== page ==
New Delhi: Prime Minister Narendra Modi paid tribute to former Prime Minister Atal Bihari Vajpayee and unveiled the mega scheme – ‘Atal Bhujal Yojana’ – at the Vigyan Bhawan in New Delhi on Wednesday.
The Cabinet on Tuesday had approved the Atal Bhujal Yojana, a Rs 6,000 crore scheme that will be implemented in the next five years, with an aim to improve groundwater management through community participation in seven states.
Addressing the gathering, PM Modi urged citizens to save every drop of water and assured that every household will get access to water through Atal Jal Yojana.
PM Modi blamed the past governments for poor water management, says lack of holistic approach in the past hindered access to basic necessity like water.
Modi also appealed to startups to develop technology that reduces dependence on water and said the country needs to move towards micro-irrigation. He also assured that 15 crore households will have tap water access in 5 years.
Briefing reporters on Tuesday, Union minister Prakash Javadekar said the scheme is expected to benefit nearly 8,350 Gram panchayats in 78 districts in Gujarat, Haryana, Karnataka, Madhya Pradesh, Maharashtra, Rajasthan and Uttar Pradesh.
The scheme, also known as ”Atal Jal”, will promote panchayat-led ground water management and behavioural change with primary focus on demand-side management.
A statement said that of the total outlay of Rs 6,000 crore, 50% shall be in the form of World Bank loan and will be repaid by the Central Government.
The remaining 50% shall be through Central assistance from regular budgetary support. The entire World Bank”s loan component and Central assistance shall be passed on to the states as grants, it said.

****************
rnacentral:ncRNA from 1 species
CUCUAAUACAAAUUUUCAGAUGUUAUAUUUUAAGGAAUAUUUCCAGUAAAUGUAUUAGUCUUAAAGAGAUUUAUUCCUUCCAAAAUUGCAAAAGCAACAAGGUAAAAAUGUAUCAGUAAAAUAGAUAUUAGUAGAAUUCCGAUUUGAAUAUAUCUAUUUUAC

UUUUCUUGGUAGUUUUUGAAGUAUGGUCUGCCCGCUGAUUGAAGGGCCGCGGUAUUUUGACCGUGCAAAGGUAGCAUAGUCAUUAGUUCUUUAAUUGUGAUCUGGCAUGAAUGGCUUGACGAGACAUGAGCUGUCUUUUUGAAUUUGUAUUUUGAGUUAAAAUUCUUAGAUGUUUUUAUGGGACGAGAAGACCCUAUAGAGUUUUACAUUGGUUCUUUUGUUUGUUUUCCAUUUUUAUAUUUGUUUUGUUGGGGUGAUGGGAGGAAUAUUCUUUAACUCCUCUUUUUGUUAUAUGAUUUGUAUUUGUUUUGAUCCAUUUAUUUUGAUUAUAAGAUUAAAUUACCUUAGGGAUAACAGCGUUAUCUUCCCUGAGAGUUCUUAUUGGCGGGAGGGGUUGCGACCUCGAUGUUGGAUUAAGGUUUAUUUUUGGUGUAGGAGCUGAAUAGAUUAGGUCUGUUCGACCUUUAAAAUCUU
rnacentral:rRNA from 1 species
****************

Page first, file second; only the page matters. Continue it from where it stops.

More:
The scheme is aimed at contributing towards the goal of doubling farmers” incomes, promoting participatory ground water management, improving water use efficiency on a mass scale, improving cropping pattern and promoting efficient and equitable use of ground water resources and behavioural change at the community level, the statement added.
The scheme has two major components — one is institutional strengthening and capacity building for sustainable ground water management in the states including improving monitoring networks, capacity building, strengthening of water user associations.
The second component is incentivising the states for achievements in improved groundwater management practices namely data dissemination, preparation of water security plans, implementation of management interventions through convergence of ongoing schemes, adopting demand side management practices, etc.
Ground water contributes to nearly 65% of total irrigated area of the country and nearly 85% of the rural drinking water supply.
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